Peter Jennings’ recent op-ed in The Australian (PDF) recognises some of the pressing issues confronting Australian strategists, but fails to identify an underlying cause. Two of the issues he addresses discretely—divergent Australian and American views of Asia and a current lack of Australian Government enthusiasm for the alliance—are actually underpinned by an issue he dismisses.
Peter dismisses the prospect that Australia might have to choose between the US and China, but it’s this possibility which is driving, in part, our determination to see developments in Asia with a ‘relentlessly glass half full perspective’. It’s also probably responsible for a ‘perceived cooling of Australian support for enhanced co-operation’ with the US.
Peter writes that the idea Australia might need to choose between China and the US ‘does not, and will not, have traction in policy circles’. If true, this is a real shame, for it’s a valid and immensely thought-provoking concept, and one that has significant traction in public debate. Indeed, a reluctance to address this idea—precisely because of the challenges it poses—might go some way to explaining the current state of Australian defence policy.
Firstly, the idea can’t simply be dismissed out of hand. Australia might indeed, someday, have to choose between China and the US. This could occur in a number of ways. First, we could make the choice proactively, though this is very unlikely. We’ll almost certainly, for as long as we can, cultivate closer relations with both. But we’d be foolish to insist that this happy state of affairs will persist indefinitely.
A second, and less pleasant, future is one where China or the US—or both—forces a choice onto us. Perhaps some of the easiest scenarios to imagine concern Taiwan or the Senkaku/Diaoyu Islands. If the proverbial hits the fan, the US might expect active Australian support, while China might expect us to sit on the sidelines. In this scenario, whatever we choose will displease someone. A third option, whereby we displease both powers, is also possible. It would be great if a fourth option existed—whereby we please both China and the US—but this doesn’t seem particularly feasible. Complicating matters further, this future decision might need to be made in a short period of time—perhaps mere hours.
That would be a most unpleasant scenario. But reality isn’t required to be pleasant and we’d be naïve in the extreme to believe this ‘forced choice’ scenario to be impossible.
But instead of thoughtfully considering this concept, Australian leaders seem determined to deny the possibility. The Asian Century White Paper optimistically states ‘We [Australia] come to the relationship with China as a dependable economic partner, a constructive participant in regional affairs, one of the world’s oldest democracies, a good international citizen, and a close ally of the United States. None of these dimensions will change’.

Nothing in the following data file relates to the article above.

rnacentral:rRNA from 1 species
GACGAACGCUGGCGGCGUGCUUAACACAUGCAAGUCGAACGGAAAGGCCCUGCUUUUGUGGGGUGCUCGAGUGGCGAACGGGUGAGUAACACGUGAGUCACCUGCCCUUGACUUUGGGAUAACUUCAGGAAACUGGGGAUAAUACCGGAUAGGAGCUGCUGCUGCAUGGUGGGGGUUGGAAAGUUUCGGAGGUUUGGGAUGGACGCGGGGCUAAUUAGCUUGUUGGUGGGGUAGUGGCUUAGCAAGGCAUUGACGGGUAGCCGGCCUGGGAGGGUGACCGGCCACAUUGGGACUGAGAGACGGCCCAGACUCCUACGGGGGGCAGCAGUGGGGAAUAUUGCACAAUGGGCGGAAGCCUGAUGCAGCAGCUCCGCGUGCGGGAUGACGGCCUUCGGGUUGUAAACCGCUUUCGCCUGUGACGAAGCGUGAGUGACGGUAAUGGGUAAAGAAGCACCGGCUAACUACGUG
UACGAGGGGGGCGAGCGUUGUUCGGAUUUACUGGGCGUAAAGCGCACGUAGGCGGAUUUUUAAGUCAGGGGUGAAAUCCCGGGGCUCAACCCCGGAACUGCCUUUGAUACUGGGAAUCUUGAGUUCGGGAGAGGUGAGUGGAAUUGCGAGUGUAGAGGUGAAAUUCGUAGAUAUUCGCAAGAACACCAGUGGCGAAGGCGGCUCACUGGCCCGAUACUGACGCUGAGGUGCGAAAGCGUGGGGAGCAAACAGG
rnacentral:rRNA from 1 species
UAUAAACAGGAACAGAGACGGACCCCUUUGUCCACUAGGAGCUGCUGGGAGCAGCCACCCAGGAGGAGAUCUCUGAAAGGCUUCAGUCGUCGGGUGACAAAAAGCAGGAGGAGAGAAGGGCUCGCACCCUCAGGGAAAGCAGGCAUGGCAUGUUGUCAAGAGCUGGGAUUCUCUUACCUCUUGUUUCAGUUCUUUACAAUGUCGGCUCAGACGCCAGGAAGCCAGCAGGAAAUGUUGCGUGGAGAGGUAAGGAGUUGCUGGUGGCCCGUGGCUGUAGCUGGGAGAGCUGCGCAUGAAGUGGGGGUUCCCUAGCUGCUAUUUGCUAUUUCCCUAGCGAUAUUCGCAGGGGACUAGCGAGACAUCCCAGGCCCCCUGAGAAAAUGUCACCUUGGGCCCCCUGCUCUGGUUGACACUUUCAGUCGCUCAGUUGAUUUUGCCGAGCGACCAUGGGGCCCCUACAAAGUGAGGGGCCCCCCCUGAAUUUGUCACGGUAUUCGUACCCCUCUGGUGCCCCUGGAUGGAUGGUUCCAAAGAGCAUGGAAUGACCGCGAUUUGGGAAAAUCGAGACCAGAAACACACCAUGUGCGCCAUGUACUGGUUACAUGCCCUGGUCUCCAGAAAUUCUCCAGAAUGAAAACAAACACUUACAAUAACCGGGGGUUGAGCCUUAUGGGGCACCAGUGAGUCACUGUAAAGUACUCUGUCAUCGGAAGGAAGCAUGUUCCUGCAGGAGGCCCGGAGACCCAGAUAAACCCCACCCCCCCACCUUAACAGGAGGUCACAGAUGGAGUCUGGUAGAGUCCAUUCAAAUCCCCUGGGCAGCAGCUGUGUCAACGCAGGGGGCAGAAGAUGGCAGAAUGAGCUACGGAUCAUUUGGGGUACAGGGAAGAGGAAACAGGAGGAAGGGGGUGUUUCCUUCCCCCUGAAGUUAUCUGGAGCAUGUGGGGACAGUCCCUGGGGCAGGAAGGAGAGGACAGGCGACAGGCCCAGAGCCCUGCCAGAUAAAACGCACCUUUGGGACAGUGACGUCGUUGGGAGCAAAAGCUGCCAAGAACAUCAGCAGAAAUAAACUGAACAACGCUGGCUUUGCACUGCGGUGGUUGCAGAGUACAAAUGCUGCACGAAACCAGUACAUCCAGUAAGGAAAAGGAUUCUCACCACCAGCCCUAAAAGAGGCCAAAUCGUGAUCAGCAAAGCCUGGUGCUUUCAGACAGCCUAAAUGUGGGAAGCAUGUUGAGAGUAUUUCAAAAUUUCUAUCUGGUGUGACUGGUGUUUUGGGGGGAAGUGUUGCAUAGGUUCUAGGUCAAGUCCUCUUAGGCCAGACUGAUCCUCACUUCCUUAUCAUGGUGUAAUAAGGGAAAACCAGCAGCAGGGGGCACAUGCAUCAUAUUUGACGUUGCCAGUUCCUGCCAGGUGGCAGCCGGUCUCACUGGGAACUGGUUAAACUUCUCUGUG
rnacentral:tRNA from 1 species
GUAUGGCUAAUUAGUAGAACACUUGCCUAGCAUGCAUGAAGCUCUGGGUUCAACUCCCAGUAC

When it comes to China, the Government’s approach is not simply ‘relentlessly glass half full’. It might better be characterised as a deep reluctance to discuss the security challenges that China could create for Australia.
Although Hugh White’s recent book, The China Choice, primarily concerns America’s future decisions about China, it sparked a tremendous domestic debate about Australia’s own choices. Accordingly, it seems odd that the idea of Australia choosing between the US and China would have ‘no traction in policy circles’. The only people not discussing this issue, it seems, are our political leaders (and perhaps, if Peter is right, those advising them).
As this discussion has demonstrated, there’s significant public interest in—and knowledge of—this worrying possibility. Many Australians, not just those in Canberra’s policy circles, realise the importance of these relationships. But in the current financial and strategic environment, the Government cannot simply—absent a credible explanation to the electorate—‘speed up’ Defence cooperation with the US. While the Government remains quiet on the risk associated with China’s rise—the primary reason for intensified cooperation with the US—there’s unlikely to be much public support for further defence spending or increasingly closer ties with the US. If there is no increased threat or risk, why do we need to spend more on Defence, or cooperate more with the US?
A public discussion of these issues will not become self-fulfilling prophecy, nor should it grievously upset China. Instead, it could better prepare Australia for the challenging future we might face in the Asian Century. It would also mean that if we ever are forced to choose—perhaps at short notice—then at least our leaders might have given it some prior thought! In the meantime, it might focus our thoughts on the very real, long-term consequences of our Defence policy and capability decisions.
Iain Henry is a Fulbright Scholar and a PhD candidate at the Strategic and Defence Studies Centre, ANU. These are his personal views. Image courtesy of Flickr user furiousgeorge81.